Several T-Mobile employees and a handful of their PR agents had some of their contact data exposed after one of the company’s webservers were breached. The group TeaMp0isoN claimed responsibility, noting that they exploited SQL Injection vulnerabilities on t-mobile.com to obtain the data.
According to persons speaking on behalf of TeaMp0isoN, T-Mobile was targeted for “supporting the Big Brother Patriot Act law.”
“One of the main reasons for the hack is because they are corrupted, but we also wanted to show how weak their security is.”
In a published document, which lists 38 company contacts, the group remarked on the weak passwords released, noting that they were “manually given to staff via an admin who uses the same set of passwords.”
Looking at the list, the set of passwords issued are 112112, pass, or glg5548. The last password in the block seems to have been assigned only to staffers of the Garrigan Lyman Group, an agency that represents T-Mobile.
In addition, staffers from Waggener Edstrom, another PR firm representing the telecom company, were exposed as well.
The attack was possible due to SQL Injection flaws present on t-mobile.com and newsroom.t-mobile.com. Both domains were actively delivering content on Monday afternoon, as word of the breach spread.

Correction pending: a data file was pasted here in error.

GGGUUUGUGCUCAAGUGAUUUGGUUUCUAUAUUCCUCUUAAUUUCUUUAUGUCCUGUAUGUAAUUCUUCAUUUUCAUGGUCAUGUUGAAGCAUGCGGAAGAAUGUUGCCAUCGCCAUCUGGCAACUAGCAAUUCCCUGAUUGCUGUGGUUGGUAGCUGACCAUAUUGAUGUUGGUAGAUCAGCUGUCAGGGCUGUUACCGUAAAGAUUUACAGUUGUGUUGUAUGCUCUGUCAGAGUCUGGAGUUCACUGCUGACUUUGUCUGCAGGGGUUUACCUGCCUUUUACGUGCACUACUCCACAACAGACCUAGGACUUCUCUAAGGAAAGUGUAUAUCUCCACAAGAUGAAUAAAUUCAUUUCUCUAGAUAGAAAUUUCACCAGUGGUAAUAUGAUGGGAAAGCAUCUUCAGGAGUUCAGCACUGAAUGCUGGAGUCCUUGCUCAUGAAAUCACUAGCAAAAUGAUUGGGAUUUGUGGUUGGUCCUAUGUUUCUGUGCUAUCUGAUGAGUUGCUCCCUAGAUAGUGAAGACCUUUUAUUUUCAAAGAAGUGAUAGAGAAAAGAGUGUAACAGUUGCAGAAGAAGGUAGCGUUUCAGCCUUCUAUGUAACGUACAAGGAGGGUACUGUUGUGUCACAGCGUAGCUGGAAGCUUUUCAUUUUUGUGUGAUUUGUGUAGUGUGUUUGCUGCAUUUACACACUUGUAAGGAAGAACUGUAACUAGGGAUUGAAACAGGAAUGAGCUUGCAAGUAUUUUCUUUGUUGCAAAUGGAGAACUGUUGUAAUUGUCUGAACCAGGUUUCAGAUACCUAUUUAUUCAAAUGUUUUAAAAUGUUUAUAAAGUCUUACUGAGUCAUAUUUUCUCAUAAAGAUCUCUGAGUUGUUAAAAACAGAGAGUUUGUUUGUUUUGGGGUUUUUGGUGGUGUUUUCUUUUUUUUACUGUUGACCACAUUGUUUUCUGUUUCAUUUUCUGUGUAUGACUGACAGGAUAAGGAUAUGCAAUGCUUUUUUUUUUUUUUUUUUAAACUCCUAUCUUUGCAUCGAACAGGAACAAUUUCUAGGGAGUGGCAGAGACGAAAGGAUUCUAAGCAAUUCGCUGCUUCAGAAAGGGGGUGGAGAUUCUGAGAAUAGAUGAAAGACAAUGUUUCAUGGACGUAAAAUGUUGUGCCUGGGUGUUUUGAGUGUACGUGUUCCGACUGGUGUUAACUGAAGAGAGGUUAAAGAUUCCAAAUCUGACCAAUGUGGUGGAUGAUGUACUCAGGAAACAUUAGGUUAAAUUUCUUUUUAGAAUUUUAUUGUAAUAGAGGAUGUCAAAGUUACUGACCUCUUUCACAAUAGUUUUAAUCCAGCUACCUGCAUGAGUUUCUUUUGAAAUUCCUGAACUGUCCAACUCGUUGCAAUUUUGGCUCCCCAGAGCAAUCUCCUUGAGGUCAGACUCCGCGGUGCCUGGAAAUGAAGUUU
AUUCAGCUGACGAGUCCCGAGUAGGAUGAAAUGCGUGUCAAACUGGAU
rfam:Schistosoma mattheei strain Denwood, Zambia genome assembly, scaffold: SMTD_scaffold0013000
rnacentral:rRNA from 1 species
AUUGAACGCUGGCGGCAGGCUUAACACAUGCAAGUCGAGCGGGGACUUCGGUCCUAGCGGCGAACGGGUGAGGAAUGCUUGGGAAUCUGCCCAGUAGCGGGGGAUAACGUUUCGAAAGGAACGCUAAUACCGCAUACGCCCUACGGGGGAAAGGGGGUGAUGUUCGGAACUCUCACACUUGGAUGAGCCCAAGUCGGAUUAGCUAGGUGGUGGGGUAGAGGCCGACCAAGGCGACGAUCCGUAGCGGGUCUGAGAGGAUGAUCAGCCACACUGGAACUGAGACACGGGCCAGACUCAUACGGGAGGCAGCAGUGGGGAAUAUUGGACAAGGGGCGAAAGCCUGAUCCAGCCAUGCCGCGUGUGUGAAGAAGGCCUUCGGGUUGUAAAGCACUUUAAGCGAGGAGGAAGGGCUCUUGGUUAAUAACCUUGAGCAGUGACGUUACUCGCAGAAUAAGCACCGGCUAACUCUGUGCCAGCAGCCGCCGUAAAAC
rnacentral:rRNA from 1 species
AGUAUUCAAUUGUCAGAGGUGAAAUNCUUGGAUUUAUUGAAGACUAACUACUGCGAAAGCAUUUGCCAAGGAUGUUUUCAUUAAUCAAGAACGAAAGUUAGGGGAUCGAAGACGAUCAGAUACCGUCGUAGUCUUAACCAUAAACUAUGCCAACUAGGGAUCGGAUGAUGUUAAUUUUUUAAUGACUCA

Currently, the amount of data taken from the T-Mobile website is unknown. It’s possible that the only thing obtained was the brief list. We’ve been in contact with T-Mobile and Waggener Edstrom. We’ll update this story with additional information as we have it.
Without going into any technical issues, T-Mobile has said that the “issue only impacted our newsroom, which is a non-critical system and does not affect our customers.”
Officially, the statement from company reads as follows:
“T-Mobile's newsroom, which is hosted by an external third party, experienced a security issue last week. No other online T-Mobile properties were affected. We've identified the root cause of the issue and security protocols have been updated. This issue did not impact T-Mobile customers.”
Unfortunately, this does not answer many questions. They will not comment on who hosted the news portal or who developed it, which is important assuming the issue was purely code related and they outsourced the creation of the newsroom. Moreover, they would not comment on the security protocols that were changed, or the basic passwords issued to the newsroom’s operators.